The Georgetown University Pivot Program is a business and entrepreneurship-oriented reentry program, delivered by Georgetown University in partnership with the D.C. Department of Employment Services. The program, which combines classroom training with subsidized internships at local businesses and non-profits, is designed to change the attitude of employers toward the hiring of individuals with prior criminal convictions, and to allow returning citizens to access opportunities that would be otherwise out of reach. We also hope that Pivot Program graduates will create jobs for themselves and for others through business enterprises of their own.
Across the United States, more than seven million Americans currently are under some form of correctional control – including incarceration, parole, and probation – and one in three adults has a criminal record. In the District of Columbia alone, as many as 5,000 individuals are released from prison or jail every year, and less than half of them find sustainable employment. This perpetuates a cycle of crime and incarceration, with devastating effects on families, communities, and the broader economy.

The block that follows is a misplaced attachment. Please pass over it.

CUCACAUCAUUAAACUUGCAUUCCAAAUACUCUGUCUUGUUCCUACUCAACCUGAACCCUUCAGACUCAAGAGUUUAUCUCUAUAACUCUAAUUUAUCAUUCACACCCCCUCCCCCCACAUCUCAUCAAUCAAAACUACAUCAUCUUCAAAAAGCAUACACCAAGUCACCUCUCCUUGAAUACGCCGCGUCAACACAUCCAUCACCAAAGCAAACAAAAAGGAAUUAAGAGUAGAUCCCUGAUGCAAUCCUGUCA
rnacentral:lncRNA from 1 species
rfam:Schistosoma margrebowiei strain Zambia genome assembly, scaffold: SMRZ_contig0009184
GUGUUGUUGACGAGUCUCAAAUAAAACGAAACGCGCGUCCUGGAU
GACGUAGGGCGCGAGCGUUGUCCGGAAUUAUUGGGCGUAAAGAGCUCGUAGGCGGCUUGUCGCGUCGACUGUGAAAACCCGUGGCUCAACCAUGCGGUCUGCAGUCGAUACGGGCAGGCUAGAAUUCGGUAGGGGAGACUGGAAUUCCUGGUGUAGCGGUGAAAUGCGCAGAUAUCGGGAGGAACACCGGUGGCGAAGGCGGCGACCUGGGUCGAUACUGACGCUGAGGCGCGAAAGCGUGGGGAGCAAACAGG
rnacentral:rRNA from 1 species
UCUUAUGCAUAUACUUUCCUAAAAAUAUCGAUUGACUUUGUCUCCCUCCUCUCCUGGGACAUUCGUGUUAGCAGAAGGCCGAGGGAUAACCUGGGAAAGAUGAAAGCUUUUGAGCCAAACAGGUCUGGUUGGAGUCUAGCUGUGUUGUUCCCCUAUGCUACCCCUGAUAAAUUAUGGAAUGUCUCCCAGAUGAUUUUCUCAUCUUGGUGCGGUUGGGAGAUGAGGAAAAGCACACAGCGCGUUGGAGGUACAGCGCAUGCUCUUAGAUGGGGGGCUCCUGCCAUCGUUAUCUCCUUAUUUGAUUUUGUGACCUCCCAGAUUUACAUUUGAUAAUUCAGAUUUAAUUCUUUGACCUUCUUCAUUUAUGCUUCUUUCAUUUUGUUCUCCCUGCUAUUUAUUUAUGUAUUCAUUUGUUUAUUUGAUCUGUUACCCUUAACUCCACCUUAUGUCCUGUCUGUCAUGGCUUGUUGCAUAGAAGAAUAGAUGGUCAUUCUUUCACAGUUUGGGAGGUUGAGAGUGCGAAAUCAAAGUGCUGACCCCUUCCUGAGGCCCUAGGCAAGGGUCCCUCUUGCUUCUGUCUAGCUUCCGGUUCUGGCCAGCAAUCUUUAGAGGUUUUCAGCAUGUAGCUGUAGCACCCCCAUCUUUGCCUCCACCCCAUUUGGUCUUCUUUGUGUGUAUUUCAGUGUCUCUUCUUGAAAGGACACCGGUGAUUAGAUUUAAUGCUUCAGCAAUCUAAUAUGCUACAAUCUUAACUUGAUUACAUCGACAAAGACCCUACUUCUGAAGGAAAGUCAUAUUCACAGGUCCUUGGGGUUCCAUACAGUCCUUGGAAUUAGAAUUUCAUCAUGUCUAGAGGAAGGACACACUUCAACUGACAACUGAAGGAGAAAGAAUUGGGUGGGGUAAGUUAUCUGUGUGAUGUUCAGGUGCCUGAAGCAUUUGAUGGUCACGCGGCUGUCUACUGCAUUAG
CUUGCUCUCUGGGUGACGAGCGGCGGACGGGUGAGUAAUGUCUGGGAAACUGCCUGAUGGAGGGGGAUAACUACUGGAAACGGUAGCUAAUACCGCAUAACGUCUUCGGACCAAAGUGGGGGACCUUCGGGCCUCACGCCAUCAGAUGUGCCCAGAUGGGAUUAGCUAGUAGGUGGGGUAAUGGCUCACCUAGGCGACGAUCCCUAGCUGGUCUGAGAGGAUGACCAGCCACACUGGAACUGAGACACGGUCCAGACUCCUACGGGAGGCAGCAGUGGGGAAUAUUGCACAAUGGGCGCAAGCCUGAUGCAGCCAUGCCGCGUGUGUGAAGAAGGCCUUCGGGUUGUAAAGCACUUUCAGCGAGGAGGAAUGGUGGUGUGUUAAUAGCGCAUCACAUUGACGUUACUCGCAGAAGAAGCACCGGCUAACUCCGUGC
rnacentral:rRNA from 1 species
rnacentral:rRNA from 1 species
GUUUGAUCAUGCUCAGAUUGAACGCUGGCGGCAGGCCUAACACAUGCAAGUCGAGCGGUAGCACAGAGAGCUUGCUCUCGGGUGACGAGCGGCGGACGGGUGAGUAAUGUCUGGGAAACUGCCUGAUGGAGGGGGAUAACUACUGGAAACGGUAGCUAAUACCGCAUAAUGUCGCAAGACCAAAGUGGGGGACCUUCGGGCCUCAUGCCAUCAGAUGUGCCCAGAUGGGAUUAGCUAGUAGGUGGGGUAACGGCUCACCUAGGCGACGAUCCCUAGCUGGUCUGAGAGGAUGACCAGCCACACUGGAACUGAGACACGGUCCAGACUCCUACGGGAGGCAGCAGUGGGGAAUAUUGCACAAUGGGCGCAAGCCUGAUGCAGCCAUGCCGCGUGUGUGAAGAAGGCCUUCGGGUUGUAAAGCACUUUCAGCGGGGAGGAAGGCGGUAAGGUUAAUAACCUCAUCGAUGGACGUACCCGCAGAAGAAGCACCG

The Pivot Program seeks to break that cycle and recognize this untapped human capital by supporting a set of people who have previously made mistakes, served their time, and are committed to becoming successful leaders and role models in their communities. Our approach is based on the premise that a combination of higher education and employment – together with the social, emotional, and intellectual development that takes place in a university environment – will succeed in preparing returning citizens for positions as both entrepreneurial leaders or productive employees.
The Pivot Program represents a collaboration between Georgetown’s Prisons and Justice Initiative, the McDonough School of Business and Georgetown College with substantial support from the Minority Business Development Agency and the D.C. Department of Employment Services.